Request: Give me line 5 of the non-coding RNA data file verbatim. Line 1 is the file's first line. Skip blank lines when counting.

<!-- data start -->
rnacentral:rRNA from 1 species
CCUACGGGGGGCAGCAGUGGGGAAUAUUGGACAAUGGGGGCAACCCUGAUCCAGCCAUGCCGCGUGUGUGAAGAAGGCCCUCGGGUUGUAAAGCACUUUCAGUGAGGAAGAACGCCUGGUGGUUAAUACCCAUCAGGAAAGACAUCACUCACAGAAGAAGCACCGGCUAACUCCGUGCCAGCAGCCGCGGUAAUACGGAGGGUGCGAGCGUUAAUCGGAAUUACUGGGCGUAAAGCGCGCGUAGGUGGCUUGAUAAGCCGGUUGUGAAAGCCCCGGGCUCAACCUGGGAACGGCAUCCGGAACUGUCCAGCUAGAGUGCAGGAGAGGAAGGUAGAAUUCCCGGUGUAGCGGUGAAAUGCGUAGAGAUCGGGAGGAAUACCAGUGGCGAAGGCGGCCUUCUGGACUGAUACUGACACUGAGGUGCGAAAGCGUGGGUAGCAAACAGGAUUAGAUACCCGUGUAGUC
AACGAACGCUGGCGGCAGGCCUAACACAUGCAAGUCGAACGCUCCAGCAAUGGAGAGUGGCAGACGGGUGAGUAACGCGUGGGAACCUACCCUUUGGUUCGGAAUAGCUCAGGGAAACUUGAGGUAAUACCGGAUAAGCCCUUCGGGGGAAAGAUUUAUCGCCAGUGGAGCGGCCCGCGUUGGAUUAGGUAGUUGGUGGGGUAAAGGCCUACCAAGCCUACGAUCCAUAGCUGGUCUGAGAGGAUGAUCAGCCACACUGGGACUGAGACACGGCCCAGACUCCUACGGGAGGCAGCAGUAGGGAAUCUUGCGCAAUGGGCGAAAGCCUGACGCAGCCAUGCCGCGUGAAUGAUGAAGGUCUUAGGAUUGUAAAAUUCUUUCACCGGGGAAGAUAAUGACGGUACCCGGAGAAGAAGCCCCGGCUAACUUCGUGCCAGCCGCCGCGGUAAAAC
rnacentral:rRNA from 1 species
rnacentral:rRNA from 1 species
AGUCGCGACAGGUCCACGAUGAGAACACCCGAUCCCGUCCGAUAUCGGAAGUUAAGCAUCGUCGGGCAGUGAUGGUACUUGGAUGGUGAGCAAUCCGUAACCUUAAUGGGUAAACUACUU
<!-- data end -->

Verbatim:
rnacentral:rRNA from 1 species